New Movies Inspired By Independence Day

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In light of the modest financial success of the recently-released Independence Day: Resurgence, producers have started to mine less-popular holidays for new blockbusters. We here at Tiger Mag have used our numerous Hollywood connections – yes, we have many, don’t question it – to procure a list of these festive films:   

The Sixth Shrub (dir. M. Night Shyamalan)

This Arbor Day, get ready to be smacked in the face with the mighty fronds of justice! Johnny Appleseed (Mel Gibson), a down-on-his-luck park ranger armed with only his wits and a love of the great outdoors, must undermine nefarious evil-doers from outer space who plan to destroy all that is good and green with their most dangerous weapon: ten Ram 2500 gas-guzzling pickup trucks driving in single file! Along for the ride are two precocious plants –  the Giving Tree (Arnold Schwarzenegger) and Groot (the Iron Giant) – and former U.S. presidential candidate Al Gore (Al Gore). Can they save the environment so that we have proper time to destroy it? Plant yourself into that soda-glazed seat on April 28th!

Rated R for Mel Gibson.

 

Fear Thine Shadow (dir. Paul Greengrass)

When winter comes a-knocking, there’s only one mammal you should call: Special Agent Phil “Punxsutawney” Spring (Matt Damon). He excelled at the Academy as a young recruit from Pennsylvania with a penchant for groundhogs, but now it’s time for him to face the real world when Dr. Shadow (Christoph Waltz), a clone of Spring himself, threatens to plunge the world into another ice age. If he gets spooked by Shadow, we’re looking at a long, cold winter. February 2nd: when winter springs into a theater near you!

Rated PG for tasteful man-on-groundhog romance.

 

No Rebate for the Wicked (dir. Martin Scorsese)

Robert de Niro stars as a tough, tough-as-nails, so-tough-he-eats-two-by-fours-for-breakfast-with-only-2%-milk-to-wash-it-down, Italian-American conman Joe Gargonini who loves his two daughters and wants them to go to good public schools. But when Joe finds out that the master conman, Louis Argentino D’Raffino, hasn’t paid his taxes in twenty-seven years, he embarks on the long con to put D’Raffino behind bars – every cent D’Raffino keeps for himself detracts from his daughters’ educations. No one detracts from his daughters’ educations. This Tax Day, Scorsese is pulling out all the stops: Leonardo DiCaprio, Alexandra Daddario, Willem Dafoe, Danny DeVito, and Vincent D’Onofrio round out a stellar cast of actors with Scorsese’s weird fetish of a hard “D” sound to start their names. Freeze-framing its way to your hometown cinema on April 17th!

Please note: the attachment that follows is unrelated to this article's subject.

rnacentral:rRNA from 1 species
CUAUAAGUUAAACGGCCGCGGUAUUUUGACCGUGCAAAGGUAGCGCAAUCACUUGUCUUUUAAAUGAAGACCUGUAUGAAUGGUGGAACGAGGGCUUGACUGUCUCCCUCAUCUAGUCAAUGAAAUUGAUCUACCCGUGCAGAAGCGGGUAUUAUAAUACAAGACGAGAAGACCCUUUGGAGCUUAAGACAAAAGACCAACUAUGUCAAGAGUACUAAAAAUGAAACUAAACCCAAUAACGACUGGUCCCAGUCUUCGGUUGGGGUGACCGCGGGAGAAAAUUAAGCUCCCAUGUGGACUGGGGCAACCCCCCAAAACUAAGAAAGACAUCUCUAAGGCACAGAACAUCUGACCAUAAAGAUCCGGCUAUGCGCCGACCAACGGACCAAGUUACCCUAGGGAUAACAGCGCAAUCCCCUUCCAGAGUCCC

Rated PG-13 for loud Italian accents and taxes.

 

Tender Moonlight Cornucopia: or, Mother’s Day (dir. Wes Anderson)

Katie du Platt Saunteré (Joey King) is a precocious youth with a knack for getting herself into the most delightful conundrums. On Mother’s Day, she procured, using money from her papaya juice stand, a seemingly-innocuous watercolor that turns out to belong to the Grand Duchess of Lithuaria (Tilda Swinton). Can her estranged father (Ed Norton) help her protect her perplexing purchase, perchance, avoid bungling henchmen who hench (the Wilson Brothers, like, all of them) and return the gift to Mother (Gwenyth Paltrow) by the date to which we honor our mothers?! There’s only one way to find out: zip up your best red jumpsuit and jam out on your beloved glockenspiel this May 14th!
Rated NC-17 for excessive whimsy.

 

-PS’19

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